his week saw social network LinkedIn get itself into the headlines for the wrong reasons once again, as it wasreported that GCHQ created fake profiles in order to hack into a major Belgian telecommunications company.
The attack on Belgacom was reported
back in September but it was unknown how it had been carried out, but fresh reports claim that GCHQ used fake LinkedIn pages to redirect employees to sites containing malware. Security blogger Graham Cluley said
that GCHQ’s Network Analysis Centre identified which of Belgacom’s network security and maintenance staff used LinkedIn and read Slashdot, and serve up replicated and malware-laden versions of the pages.
Naturally this is bad news for LinkedIn, who after the major password breach from last year and it was described by hacker turned consultant Kevin Mitnick as an ideal place to find victims for targeted attacks, as through no fault of its own it has found itself in the headlines. The question to ask here is should it have done more to vet new sign-ups and ensure that they were not used for spear phishing (as this has been the case in the past), as well as ensuring that it is securing user details. It’s a tricky business.
Following the major Adobe breach of last month, this story continues to roll on and on with analysis now done of the passwords used. In analysis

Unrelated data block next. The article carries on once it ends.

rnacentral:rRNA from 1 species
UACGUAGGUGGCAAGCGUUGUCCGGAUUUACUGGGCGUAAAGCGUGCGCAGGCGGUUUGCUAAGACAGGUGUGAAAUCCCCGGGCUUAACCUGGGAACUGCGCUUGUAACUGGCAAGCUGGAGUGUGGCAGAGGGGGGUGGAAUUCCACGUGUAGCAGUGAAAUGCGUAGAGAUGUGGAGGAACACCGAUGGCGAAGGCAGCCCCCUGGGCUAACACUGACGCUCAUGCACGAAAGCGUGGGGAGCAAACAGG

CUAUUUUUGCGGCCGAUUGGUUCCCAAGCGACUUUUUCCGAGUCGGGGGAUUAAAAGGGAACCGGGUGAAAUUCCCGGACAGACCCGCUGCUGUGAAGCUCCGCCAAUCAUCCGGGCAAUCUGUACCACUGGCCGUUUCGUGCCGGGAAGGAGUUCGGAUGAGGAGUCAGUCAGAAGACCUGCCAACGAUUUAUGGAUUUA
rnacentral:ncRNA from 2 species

by Jeremi Gosney of the 130 million+ passwords that were breached, it was revealed that “123456” was used by 1.9 million, while 446,162 used “123456789” and “password” by 345,834.
The old battle of password v security has been rolling for many years and some great analysis of the most commonly used passwords has been done following the aforementioned LinkedIn breach among others, but this is another reminder of the denominator that is the human user who is encouraged to have a different password for each website and application and make them secure, and how they both fail and bypass that advice.
In a related story, Facebook is analysing that password data in order to alert users whose accounts may be vulnerable to compromise because they used the same passwords. In an alert, some Facebook users be notified that their accounts have been blocked from public view until the changes have been completed, all the while assuring users that “Facebook was not directly affected by the incident”.
People are using the internet and secure applications are a part of the internet, but for many everyday users (by which I mean non security types) passwords are a barrier to be overcome, and using the same one for everything is a simple solution. It is hard to drum this out of people unless a simple solution is offered, and while the banking indus
try has done a great job of addressing this with two-factor tokens, perhaps it is time to rethink this with existing solutions.
Finally, just when you thought it was safe to go back into space, it seems that space could be infected by Stuxnet. Of course you cannot infect the universe (unless badBIOS
is used perhaps?) but in this case, the International Space Station was infected
by a USB stick carried into space by a Russian astronaut.
This followed news
that Stuxnet had badly infected the internal network of a Russian nuclear plant, and the worm which targeted an Iranian nuclear facility has accidentally continued its bad ways. In space, no-one can hear you scream “badBIOS”.